The Sacco-Vanzetti Case and the Grim Forces Behind It
By ART SHIELDS
The labor press in America, Italy, Spain, Cuba, and other countries, is giving extensive space to the story as it develops. And lately that story has reached the front pages of the big Boston dailies. In the Sunday Post of January 16, this paragraph appears:
"Many well known local people have always doubted the guilt of Vanzetti and Sacco, while labor unions here and in the mill cities of Lawrence, Lowell, and Fall River have declared that the two men are being "railroaded" by the Department of Justice."
Thousands of Italian workers in the America and Europe have come to the aid of Sacco and Vanzetti and are enlisting the support of other nationalities. These Italians have been giving to their upmost; many of the money contributions have meant extreme sacrifice, for they have come from men and women in the big industrial centers who are jobless.
Numerous obstacles have been placed in the path of the defense. Two vital witnesses were permitted to disappear without effort by the state officials to detain them. One of the investigators for the defense was arrested without cause at the instance of Police Chief Stewart of Bridgewater. And the court had to be seen by the defense before a copy of the Vanzetti trial transcript could be obtained; the court stenographer had delayed two months in furnishing this record.
District Attorney Katzmann refuses to permit the defense to examine the exhibits used in the Vanzetti trial. Once he agreed to let the present attorneys use these properties, but on the stipulated day he changed his mind. So it is necessary for the defense to go into court to force Katzmann's hand.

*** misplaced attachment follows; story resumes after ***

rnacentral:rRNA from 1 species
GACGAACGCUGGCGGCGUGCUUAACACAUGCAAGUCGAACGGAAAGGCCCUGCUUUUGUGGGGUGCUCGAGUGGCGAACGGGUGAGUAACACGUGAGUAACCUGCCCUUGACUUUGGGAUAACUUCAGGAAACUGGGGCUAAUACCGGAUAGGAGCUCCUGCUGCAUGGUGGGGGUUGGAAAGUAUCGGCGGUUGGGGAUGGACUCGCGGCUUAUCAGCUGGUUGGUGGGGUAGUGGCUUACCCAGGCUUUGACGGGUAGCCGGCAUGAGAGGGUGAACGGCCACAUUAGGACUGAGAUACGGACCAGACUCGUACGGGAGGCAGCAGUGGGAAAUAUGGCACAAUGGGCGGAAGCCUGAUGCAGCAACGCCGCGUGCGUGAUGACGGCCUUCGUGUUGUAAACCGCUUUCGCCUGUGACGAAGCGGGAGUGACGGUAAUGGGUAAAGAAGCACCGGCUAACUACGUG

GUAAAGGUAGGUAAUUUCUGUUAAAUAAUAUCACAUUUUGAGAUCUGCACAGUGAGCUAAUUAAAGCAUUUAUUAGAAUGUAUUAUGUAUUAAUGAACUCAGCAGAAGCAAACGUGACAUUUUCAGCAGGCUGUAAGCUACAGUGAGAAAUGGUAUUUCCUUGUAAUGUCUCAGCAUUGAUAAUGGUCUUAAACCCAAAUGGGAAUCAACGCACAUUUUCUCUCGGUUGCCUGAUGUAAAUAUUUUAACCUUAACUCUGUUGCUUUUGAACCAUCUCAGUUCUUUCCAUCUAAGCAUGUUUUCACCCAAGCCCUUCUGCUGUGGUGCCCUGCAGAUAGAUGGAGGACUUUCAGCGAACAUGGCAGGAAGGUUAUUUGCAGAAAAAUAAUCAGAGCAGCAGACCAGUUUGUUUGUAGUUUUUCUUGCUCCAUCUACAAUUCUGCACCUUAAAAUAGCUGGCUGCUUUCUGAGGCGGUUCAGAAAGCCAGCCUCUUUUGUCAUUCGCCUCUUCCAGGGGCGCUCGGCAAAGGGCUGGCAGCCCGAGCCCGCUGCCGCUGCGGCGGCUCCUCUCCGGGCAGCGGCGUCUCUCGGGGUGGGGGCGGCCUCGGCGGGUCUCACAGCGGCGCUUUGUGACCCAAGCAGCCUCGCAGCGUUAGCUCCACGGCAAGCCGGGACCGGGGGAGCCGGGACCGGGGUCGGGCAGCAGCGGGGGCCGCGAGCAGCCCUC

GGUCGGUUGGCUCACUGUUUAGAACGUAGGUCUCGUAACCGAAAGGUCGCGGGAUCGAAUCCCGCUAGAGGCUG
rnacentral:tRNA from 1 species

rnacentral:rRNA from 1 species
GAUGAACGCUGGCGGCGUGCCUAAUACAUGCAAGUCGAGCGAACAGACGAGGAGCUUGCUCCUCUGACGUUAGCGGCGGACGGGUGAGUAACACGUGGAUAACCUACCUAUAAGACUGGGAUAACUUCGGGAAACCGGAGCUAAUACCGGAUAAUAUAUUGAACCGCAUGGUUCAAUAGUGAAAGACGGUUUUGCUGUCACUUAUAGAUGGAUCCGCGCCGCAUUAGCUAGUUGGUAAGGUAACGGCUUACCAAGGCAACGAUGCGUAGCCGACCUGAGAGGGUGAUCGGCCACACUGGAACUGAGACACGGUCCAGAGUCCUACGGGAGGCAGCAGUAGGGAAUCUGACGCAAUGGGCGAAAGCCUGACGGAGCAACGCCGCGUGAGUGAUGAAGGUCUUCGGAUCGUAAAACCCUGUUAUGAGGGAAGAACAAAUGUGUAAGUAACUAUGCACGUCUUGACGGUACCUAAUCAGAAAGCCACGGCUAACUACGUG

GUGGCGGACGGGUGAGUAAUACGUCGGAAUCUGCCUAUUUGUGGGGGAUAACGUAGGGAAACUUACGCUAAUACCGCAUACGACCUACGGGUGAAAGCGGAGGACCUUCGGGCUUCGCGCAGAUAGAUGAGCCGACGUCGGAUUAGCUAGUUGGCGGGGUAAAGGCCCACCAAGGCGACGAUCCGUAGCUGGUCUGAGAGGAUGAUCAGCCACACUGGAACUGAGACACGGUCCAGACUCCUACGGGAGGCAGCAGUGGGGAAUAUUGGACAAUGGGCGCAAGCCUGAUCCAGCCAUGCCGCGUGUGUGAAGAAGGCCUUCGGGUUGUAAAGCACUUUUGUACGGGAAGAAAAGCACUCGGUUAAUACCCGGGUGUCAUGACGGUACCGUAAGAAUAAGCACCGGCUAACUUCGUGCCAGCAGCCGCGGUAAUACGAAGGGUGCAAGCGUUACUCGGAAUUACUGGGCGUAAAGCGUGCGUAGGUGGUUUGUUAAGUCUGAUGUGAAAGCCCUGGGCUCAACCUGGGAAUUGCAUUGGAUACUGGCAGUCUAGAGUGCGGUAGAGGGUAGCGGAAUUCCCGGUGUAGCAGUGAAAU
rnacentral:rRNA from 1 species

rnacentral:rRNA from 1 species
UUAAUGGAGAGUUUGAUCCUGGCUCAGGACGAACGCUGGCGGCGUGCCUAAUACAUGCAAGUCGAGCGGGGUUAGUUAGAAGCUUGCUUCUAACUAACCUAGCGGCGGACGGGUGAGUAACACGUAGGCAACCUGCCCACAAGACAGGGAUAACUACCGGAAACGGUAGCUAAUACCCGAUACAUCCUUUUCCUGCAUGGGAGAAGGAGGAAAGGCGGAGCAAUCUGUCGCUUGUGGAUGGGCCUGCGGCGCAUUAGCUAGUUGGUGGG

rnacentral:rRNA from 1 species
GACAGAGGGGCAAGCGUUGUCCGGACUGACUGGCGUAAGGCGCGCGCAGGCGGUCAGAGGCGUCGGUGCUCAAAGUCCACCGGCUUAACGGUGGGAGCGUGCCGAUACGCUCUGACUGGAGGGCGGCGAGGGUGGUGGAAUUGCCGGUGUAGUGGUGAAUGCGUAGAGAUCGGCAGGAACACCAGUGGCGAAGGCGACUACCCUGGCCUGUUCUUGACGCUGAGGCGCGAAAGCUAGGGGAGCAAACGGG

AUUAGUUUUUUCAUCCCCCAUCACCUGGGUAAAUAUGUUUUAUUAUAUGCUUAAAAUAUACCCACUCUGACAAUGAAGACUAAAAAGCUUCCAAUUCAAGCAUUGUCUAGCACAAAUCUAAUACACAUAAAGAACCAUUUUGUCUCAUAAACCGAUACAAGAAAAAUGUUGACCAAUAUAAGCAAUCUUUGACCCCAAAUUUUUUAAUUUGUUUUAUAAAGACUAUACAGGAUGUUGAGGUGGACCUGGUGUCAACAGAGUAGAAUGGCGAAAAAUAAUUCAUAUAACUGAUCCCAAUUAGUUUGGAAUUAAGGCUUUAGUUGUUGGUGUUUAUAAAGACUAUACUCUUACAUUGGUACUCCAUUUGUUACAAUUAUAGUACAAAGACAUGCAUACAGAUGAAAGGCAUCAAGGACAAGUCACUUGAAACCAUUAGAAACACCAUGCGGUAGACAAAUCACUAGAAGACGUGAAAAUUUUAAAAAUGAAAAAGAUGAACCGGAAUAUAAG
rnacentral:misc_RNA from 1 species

Defense Evades Bribery Trap
Recently a new element has entered into the situation -- an apparent attempt to lure the defense committee into a bribery trap. Mrs. Angelina DeFalco, a court interpreter at Dedham, has been arrested in connection with this attempt.
Specifically she is charged with unlawfully soliciting law business while not being a lawyer herself. But behind the formal charges is the accusation that she offered to throw the murder case to the side of the defense when it comes to trial.
Aldino Felicani, treasurer of the defense committee, swore out the warrant against Mrs. DeFalco.
This women approached Felicani and other members of the committee and represented that, by reason of her connections in Dedham, she was in a position to guarantee an acquittal for both Sacco and Vanzetti. To insure this acquittal, it would be necessary, she explained, to do two things -- to pay a large sum of money, and to push the present defense counsel into the background. In their stead, she stipulated, the defense committee must employ two prominent Deadham attorneys to act as leading counsel.
There is reason to believe that Mrs. DeFalco was the instrument of some person or persons who wanted to compromise the defense committee in such a way that it would be liable for prosecution on a bribery charge.
Vanzetti Aged By Struggle
Vanzetti is in the tailor shop at Charlestown penitentiary. Letters and telegrams are sent by friends outside, but the prison officials will not deliver them to him -- will only read the text of the messages through the bars of his cell. He looks back sadly to young days in the beautiful Piedmont country in Northern Italy, before his mother died; days when he was happy. He is only 32 now, but his face has grown old in twelve years of struggle in America.
<--Previous Up Next-->